LifestyleParamedic debunks 'secondary drowning' myth, calls for awareness

Paramedic debunks 'secondary drowning' myth, calls for awareness

A lifeguard talks about the myth of "secondary drowning"
A lifeguard talks about the myth of "secondary drowning"
Images source: © Adobe Stock, Instagram | ane_ratownica

10 July 2024 18:57

Ane Ratownica shares her knowledge of first aid with her followers through social media. Recently, she decided to debunk the myth of secondary drowning. "It's a myth," she pointed out.

At the beginning of her post, Ane Ratownica cites an article fragment that starts with a story from a TV series. A child drowns, and the parents rush to rescue them. After performing resuscitation and restoring vital functions, the family, as if nothing had happened, goes back home, where the child "drowns in their sleep."

In her post, the paramedic emphasised that according to the World Health Organization (WHO), drownings should not be classified as "primary" or "secondary." She also highlights that if a child is not breathing, it is necessary to call an ambulance and perform resuscitation. Even if vital functions are restored, a doctor should consult the child. "You cannot take the child home after resuscitation," she emphasised.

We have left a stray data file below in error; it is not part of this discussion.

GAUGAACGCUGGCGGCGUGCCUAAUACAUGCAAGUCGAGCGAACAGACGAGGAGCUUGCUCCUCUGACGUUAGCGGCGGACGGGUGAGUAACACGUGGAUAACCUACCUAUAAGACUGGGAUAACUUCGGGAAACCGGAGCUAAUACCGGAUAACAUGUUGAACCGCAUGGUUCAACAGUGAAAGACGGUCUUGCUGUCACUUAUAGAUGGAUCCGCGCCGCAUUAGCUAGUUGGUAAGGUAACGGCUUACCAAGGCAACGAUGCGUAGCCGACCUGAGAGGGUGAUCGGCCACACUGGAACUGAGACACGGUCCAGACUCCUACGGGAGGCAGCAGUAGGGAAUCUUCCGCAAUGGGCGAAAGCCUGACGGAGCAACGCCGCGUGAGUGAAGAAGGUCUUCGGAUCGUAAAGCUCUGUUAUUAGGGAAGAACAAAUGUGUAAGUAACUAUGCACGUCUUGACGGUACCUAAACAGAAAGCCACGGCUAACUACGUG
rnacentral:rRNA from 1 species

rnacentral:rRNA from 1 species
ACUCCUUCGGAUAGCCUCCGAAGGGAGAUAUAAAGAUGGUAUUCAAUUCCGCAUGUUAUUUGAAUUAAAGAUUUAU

Debunks the "secondary drowning" myth

The paramedic pointed out that the cited article scares the audience with secondary drowning. For this reason, she decided to present some facts.

"From the article, one might infer that the child might appear to be fine and suddenly die within three days. Cleveland Clinic Journal of Medicine emphasises that such a case has never been described in medical literature," the paramedic emphasised.

The influencer further noted that it is better to search for the appropriate term in PubMed rather than another popular search engine when it comes to medical facts. It is stated that "terms such as ‘dry’ and ‘secondary’ drownings are no longer in use." These terms were last used in 1980 and 1986.

"All the doctors quoted in the article talk about pulmonary oedema following drowning, which occurred in resuscitated individuals. They speak of deaths in hospitals. No one drowns 'in their own bed,'" added the paramedic.

Ane pointed out that specific, real complications must be addressed after a severe submersion episode. If they occur, symptoms are visible within the first day after the incident. However, she admitted that she disagrees with the media's narrative of "secondary drowning."

- Scare tactics have the opposite effect. I already know parents who don't send their children to swimming lessons because they are afraid of "secondary drowning," and the lack of swimming skills is the simplest path to water-related death - she concluded.

How to recognise pulmonary oedema?

The paramedic emphasises that any child who shows unusual symptoms after submersion, such as coughing, drowsiness, or weakness, should be immediately consulted by a doctor.

Pulmonary oedema can occur much faster than suggested, even within 4-8 hours. The paramedic also notes that avoiding contact with water is not an adequate protection method for children. Instead, she recommends learning to swim and constant supervision during bathing because the lack of swimming skills and adult supervision usually leads to drownings, not playtime in the water itself.

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